Based on the Mercedes-Benz 300E sedan, the AMG Hammer was the car that showed Mercedes how to do a sports sedan.
It was the hottest European sedan you could find when it came out and remains one of the most respected and sought after cars of all time.
While still mostly resembling the base sedan, the Hammer notched up the intensity level, with a slammed body kit and large wheels, making it downright intimidating. First built in 1986, the Hammer still looks good today (which can’t be said for the majority of ‘80s cars), and it’ll still outperform most cars on the road.
This Merc is the German Hotrod
The Hammer was made by Mercedes-AMG – the high-performance line of Mercedes-Benz – to be one of the fastest sedans of all time. With a 0-60 time of around five seconds and an 180-plus mph top speed, the Hammer could hang with other, more exotic performance vehicles such as the Porsche 911 Turbo or the Ferrari Testarossa although it might not be as pretty.
To compete with exotic sports cars, AMG shoehorned a 365 hp 5.6-liter V8 into an engine bay originally designed for a 3.0-liter I6. The 5.6-liter engine could be bored out to 6.0-liters for additional horses. All that power was routed through a four-speed transmission.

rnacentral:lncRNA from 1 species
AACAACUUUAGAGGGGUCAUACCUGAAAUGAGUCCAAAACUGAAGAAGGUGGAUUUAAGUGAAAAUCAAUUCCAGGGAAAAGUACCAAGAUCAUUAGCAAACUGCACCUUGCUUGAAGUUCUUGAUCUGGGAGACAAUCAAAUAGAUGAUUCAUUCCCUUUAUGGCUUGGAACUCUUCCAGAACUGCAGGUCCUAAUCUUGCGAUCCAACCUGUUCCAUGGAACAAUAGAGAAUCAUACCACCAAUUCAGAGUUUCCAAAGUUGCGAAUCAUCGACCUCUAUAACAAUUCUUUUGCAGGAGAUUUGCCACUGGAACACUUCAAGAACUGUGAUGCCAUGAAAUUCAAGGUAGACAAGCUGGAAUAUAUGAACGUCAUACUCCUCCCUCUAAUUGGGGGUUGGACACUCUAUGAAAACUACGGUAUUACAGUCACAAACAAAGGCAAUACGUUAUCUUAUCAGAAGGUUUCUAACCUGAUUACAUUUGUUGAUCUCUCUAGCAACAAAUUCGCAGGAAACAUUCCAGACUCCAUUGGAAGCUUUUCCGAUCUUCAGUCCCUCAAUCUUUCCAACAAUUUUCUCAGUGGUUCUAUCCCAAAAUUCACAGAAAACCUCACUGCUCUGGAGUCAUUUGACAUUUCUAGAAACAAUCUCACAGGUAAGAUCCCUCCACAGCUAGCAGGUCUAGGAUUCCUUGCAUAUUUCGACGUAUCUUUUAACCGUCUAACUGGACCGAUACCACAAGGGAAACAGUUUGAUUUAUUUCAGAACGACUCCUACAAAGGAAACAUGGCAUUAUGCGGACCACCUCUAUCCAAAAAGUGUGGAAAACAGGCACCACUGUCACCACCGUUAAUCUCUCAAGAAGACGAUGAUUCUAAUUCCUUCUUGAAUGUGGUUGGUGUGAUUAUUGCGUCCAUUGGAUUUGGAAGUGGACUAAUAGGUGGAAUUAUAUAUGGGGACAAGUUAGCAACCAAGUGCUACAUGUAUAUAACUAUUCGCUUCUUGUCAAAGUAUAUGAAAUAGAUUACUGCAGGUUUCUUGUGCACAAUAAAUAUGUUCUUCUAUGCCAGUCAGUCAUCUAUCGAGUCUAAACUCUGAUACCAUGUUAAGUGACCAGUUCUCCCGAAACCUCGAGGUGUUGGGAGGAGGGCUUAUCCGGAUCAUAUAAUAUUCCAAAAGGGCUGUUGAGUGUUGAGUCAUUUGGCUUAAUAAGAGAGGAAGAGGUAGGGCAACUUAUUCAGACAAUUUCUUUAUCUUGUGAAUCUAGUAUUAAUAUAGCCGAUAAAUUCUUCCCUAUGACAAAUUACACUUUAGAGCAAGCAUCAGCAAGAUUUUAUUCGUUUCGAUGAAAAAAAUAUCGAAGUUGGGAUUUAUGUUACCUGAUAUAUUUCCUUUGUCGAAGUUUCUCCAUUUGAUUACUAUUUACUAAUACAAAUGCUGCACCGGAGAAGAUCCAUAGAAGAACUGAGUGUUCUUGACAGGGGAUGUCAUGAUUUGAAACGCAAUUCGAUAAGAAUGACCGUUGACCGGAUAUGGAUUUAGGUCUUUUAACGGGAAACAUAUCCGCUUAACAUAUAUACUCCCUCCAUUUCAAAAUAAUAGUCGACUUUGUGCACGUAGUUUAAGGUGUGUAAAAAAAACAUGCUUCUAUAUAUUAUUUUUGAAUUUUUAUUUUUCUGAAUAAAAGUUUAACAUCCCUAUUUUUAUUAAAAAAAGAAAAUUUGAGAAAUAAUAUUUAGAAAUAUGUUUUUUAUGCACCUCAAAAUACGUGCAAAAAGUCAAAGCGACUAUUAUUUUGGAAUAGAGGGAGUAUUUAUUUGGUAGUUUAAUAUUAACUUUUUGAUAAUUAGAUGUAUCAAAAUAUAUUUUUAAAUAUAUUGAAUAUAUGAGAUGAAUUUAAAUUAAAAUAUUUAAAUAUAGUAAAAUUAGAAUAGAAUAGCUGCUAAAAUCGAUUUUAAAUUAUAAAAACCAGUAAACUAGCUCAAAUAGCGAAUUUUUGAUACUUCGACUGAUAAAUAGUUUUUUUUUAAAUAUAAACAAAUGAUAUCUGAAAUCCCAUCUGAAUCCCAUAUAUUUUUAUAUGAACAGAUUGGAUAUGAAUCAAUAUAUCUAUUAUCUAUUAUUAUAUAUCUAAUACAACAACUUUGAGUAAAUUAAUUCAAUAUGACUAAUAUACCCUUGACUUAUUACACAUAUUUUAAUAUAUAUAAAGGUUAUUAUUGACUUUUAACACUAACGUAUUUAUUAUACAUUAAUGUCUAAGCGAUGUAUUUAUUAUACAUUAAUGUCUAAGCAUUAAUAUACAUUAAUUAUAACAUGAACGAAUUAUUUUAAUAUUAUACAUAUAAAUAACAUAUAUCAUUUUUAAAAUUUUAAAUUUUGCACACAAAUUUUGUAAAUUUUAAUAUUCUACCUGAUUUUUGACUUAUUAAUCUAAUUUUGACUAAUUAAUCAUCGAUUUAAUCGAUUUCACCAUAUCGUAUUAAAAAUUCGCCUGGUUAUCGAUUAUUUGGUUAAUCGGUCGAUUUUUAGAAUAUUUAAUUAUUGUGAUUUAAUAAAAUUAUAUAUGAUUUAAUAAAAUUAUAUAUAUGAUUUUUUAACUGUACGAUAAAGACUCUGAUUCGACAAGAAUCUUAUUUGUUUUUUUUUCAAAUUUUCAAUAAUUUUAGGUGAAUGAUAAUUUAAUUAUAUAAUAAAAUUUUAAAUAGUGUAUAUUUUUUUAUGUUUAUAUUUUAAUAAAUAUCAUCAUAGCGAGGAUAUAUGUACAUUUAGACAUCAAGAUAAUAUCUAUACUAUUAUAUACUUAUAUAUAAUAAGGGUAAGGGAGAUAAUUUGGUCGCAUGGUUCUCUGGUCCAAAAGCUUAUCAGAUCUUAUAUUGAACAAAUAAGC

In addition to the massive engine, the Hammer also had a more robust rear subframe to withstand all the twist coming from the power plant, a Torsen limited-slip differential, 17-inch wheels wearing fat Pirelli tires and an upgraded suspension with more aggressive damping and a lower ride height. All of this helped support the massive amount of power coming from under the hood and gave the Hammer great handling capabilities.
The Hammer’s Impact
The Hammer changed what a sports sedan was, and it allowed Mercedes to experiment a little more. Mercedes saw what AMG was able to do with one of its wonderful, but boring sedans and decided they too could play the sports sedan game. Only a few years after the release of the AMG Hammer, the iconic Mercedes-Benz 500E rolled off the assembly line. Providing everyone with the luxurious sleeper they’d really been looking for.
While the Hammer was certainly intimidating and announced its presence on the road with its good looks and massive engine, in comparison with the other sports cars of the ‘80s it was rather reserved.